The old guard (and even a few young’uns) turned up for the gala opening of the 2010 ADAA Art Show at the Park Avenue armory, the most exclusive flea market in town. All of the sterling galleries were there, showing their best wares in the forms of Andy Warhols, Pablo Picassos and Henry Moores. Nostalgia seeped through the stalls for a time when one put on their best pearls for a visit to your dealer, who welcomed you into his space on 57th Street with a private viewing of their best modern paintings—and, if the time was right, a single malt scotch on the rocks.
This year nine newcomer galleries made it past the rigorous (albeit mysterious) application to be included in the jewel showcase of New York’s art week. Among those anointed with new membership was Blum & Poe, the Los Angeles-based gallery that brought a solo show of fresh-faced Matt Johnson’s sculptures. As Jeff Poe bravely noted, “It’s interesting to take a young artist and put him in the context of this fair. It mixes it up and fucks up expectations of what you’re supposed to do.” Johnson, for his part, was in his element. “You look just like Duchamp!” a collector crowed as the artist greeted her, placid in his corduroy suit jacket. Not bad for a hometown boy. LEFT: MARIAN GOODMAN, MARVIN ROSS FRIEDMAN, ADRIENNE BON HAES.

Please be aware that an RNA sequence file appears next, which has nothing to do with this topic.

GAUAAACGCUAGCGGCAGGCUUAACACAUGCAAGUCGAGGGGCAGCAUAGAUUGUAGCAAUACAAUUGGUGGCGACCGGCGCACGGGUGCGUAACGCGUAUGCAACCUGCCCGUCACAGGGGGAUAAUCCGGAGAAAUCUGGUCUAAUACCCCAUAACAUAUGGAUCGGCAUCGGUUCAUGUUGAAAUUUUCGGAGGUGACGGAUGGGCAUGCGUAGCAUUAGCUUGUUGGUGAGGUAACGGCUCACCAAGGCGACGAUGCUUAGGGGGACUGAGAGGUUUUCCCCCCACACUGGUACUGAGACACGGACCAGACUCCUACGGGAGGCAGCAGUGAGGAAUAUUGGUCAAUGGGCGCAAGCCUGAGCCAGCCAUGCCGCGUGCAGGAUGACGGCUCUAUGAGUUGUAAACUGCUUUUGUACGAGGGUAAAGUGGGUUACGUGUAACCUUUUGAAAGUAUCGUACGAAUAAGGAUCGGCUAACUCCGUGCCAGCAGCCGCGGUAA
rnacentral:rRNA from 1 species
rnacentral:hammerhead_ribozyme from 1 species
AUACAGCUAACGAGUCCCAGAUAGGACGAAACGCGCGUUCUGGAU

It was hard to find anyone without a nametag that signaled his or her position as “chairman” or “patron” of some organization connected to the event. But no one was as proud of the fair as Adam Sheffer, chairman of the 2010 Art Show committee and a partner at Cheim & Read. His enthusiasm was contagious: “We’re in an interesting moment for the art world because slowly what is happening is that the avant-garde is becoming the establishment.” How slow change will come varies from fair to fair.